Most of us, as regular or infrequent restaurant patrons, might be willing to pay a fair price for our meals so that the people who provide service to us can enjoy the far more basic service of healthcare. But adding a 3% itemized surcharge to customers' tabs for employee health insurance, as increasing numbers of Los Angeles-area restaurants have been doing over the past year, is one tone-deaf way to go about it.
Though the surcharge may not be intended this way, there's a "Hate Obamacare" element to a line on the bill adding the 3% for restaurant workers' health insurance. "See? All this government interference is costing you more money."
Even taken the reverse way, that customer and employer are colluding for the good of the worker, the times when we treat ourselves to a meal out aren't when we most want or need a social message on our restaurant tabs. "See? I am a good restaurant owner who covers employees with health insurance, and you are a good patron for participating, even though I didn't give you a choice."
What's next? An electricity surcharge because the restaurant placed solar on its roof? Will there be so many add-on charges that customers decide they don't need to add a tip? It's better to wrap all costs into the basic tab without the extra messages -- especially so that customers know what the tab will look like at the end of the meal, instead of getting the 3% surprise.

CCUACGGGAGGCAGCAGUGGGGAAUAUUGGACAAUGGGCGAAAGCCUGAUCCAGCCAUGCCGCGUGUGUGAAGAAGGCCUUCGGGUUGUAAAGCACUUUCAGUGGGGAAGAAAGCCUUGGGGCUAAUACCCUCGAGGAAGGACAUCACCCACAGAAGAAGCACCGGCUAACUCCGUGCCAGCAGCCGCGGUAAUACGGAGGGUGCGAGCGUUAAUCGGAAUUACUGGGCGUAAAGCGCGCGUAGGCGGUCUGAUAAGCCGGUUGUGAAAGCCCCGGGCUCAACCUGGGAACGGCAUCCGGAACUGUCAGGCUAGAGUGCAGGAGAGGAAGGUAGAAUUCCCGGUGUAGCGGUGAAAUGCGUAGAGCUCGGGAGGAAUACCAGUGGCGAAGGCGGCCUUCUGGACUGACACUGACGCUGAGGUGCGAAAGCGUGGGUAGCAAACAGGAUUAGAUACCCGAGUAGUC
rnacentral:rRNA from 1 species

But there's one more reason to look on the surcharge with suspicion: How do you know it all goes toward employee healthcare? Last year, the San Francisco city attorney settled with several dozen restaurants after an investigation by the city found that not all of the surcharge money was going toward employee healthcare. Restaurant owners said it had been unclear that they had to devote the whole sum toward that.
In San Francisco, the discrepancies were discovered because the surcharge was imposed in response to a city rule on employee healthcare, giving the city's Office of Labor Standards Enforcement the opportunity to look at the books. In Los Angeles and other areas where the surcharge is a private-sector initiative, how would customers know whether they're paying more to make sure everyone can go to a doctor, or paying even more to provide the restaurant with some additional cash? Restaurants might say it's for one thing, and certainly the employees would be saying something if they weren't receiving coverage. But if the surcharge more than covers the health expenses, who's to know?